“It’s easy to see how miscommunications during hand offs happen once you realize that different specialties or areas of healthcare may concentrate on different aspects of the human condition,” says Tarantine. “What is important to the ICU nurse might not be as important to the radiology nurse.” In response to this problem, many facilities have adopted a checklist format for handing off patients. “Consistency in reporting is one approach that has effectively reduced in “hand off errors”, notes Tarantine.
Nurses Are Vital to Reducing Medical Errors
Because of their involvement and expertise in so many areas of the healthcare system, nurses are well positioned to spot and prevent medical errors, but they have to be empowered to communicate their concerns. As Tarantine explains, “Nurses must speak up with any safety concern. All too often, an error occurs which causes a patient death. Once a root cause analysis (RCA) is done, the facility often finds out that employees were aware of a fragmented or broken system and did daily “work arounds” to do their job. Using work-arounds to deliver patient care is never okay.”
Nurses also serve as an invaluable point of coordination and verification when a patient is moving between different hospital areas. For example, if a healthcare provider writes an order for antibiotics, a nurse should not assume that he or she saw the allergy alerts on the patient’s chart. They have the power to stop and verify. “Even if it is three o’clock in the morning, pick up the phone and verify. You might just save your patient’s life because of making that phone call.”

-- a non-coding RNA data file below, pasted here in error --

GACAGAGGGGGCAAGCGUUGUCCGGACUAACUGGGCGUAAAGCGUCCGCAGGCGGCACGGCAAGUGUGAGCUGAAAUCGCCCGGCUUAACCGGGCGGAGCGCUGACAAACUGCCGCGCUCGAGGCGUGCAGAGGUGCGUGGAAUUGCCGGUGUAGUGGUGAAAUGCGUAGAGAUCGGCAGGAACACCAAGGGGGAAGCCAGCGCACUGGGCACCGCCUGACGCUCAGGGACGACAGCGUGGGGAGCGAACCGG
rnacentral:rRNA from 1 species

Ultimately, Tarantine believes that many medical errors can be prevented by nurses and other healthcare professionals simply making the promise to offer the same level of care that they would want for their loved ones. “Looking at healthcare through the lens of a patient or family member can certainly change your perception of the care that is delivered,” says Tarantine.
Tarantine says the biggest opportunities for reducing preventable medical errors lie with communication and care coordination. “Better communication among all providers will only continue to improve quality and mitigate errors,” she says. “And, care coordination isn’t possible unless all providers communicate with one another.”
Click here to learn more about National Nurses Week and watch short video from Nurse Kelley Johnson (Miss Colorado 2015).
1McCann, E. (2014, July 18). Deaths by medical mistakes hit records. Retrieved April 22, 2016, from http://www.healthcareitnews.com/news/deaths-by-medical-mistakes-hit-records
2 Miller, A. M. (2015, March 30). 5 Common Preventable Medical Errors. Retrieved April 22, 2016, from http://health.usnews.com/health-news/patient-advice/slideshows/5-common-preventable-medical-errors/5
3 Healthcare Associated Infections Progress. Retrieved April 28, 2016 from http://www.cdc.gov/media/pdf/releases/2015/p0114-mrsa-hospitals-report.html.pdf
4 Root Causes by Event Type. (n.d.). Retrieved April 21, 2016, from http://www.jointcommission.org/assets/1/18/Root_Causes_by_Event_Type_2004-2015.pdf.